Will latest offer spark talks or leave them stagnant?

Nobody really expected Major League Baseball's latest offer to players to bring an immediate end to the lockout, but there was hope it would at least spark more aggressive negotiations between the two warring parties as the clock ticks down to the point of no return.

Based on the immediate reaction widely reported Saturday, it didn't achieve that goal. And that's only going to leave more people around the sport worried the season might not actually start on time.

We don't have to delve into the minute details of the league's new offer, except to say it included nominal movement on the luxury tax, the minimum salary, increased pay for players who qualify for salary arbitration and the issue of service time manipulation. It also reportedly introduced a new limit on the number of times a player can be optioned to the minors during a given season to five. (There has never been a limit on that before, aside from requiring players to spend 10 days in the minors before they can be recalled, unless they're replacing an injured teammate.)

Nats-Park-Dugout-Roof-sidebar.jpgNone of that appears to have fully satisfied the players, which shouldn't come as much surprise if you've been following this process from the beginning. Players want significant changes to the sport's economic structure. So far, they've only been offered modest changes.

The question, then, is this: How far is the MLB Players Association willing to go in search of what it truly wants?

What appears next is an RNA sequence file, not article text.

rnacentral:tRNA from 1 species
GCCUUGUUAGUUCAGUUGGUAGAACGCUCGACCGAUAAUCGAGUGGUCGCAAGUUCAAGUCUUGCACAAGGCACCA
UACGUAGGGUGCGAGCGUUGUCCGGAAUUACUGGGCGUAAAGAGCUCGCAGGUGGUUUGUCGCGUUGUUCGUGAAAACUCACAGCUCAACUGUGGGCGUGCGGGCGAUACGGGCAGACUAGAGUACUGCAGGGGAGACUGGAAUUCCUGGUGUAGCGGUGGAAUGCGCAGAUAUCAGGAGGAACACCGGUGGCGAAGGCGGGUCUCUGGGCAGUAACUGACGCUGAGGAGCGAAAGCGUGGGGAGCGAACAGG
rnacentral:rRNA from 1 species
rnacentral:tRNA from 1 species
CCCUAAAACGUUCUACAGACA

If the union won't accept anything less than monumental change, it's going to have to take the league right down to the wire, and perhaps beyond. Is this worth the loss of regular season games? That's the fundamental question the players must ask themselves right now.

The owners, at the same time, must ask themselves: Are they willing to risk the loss of regular season games to avoid making significant concessions to the players?

The clock, as we've been saying, is beginning to run out. Commissioner Rob Manfred has refused to publicly declare the delay of spring training or name the drop-dead date for a new collective bargaining agreement to ensure opening day still takes place March 31 as scheduled. But pitchers and catchers obviously aren't reported to Arizona and Florida in the next few days as they were supposed to. And Manfred's statement Thursday that any spring training must be at least four weeks long to avoid the risk of injury suggests a deal needs to be struck within the next two weeks, or else opening day is going to be postponed.

So while players may have been "underwhelmed" - to use one commonly quoted reaction - by Saturday's proposal, the MLBPA can try to change the narrative by quickly producing a counteroffer that then leads to another counteroffer from MLB, and so and so forth, until the two sides finally meet somewhere in the middle and end the lockout.

If, however, both parties simply retreat to their respective corners and don't return to the negotiating table in the near future, we'll have our answer to the ultimate question, and for the second time in three years opening day won't take place as scheduled.

As always, all the rest of us can do is sit back and wait for the next move, hoping this time it comes with some sense of urgency.

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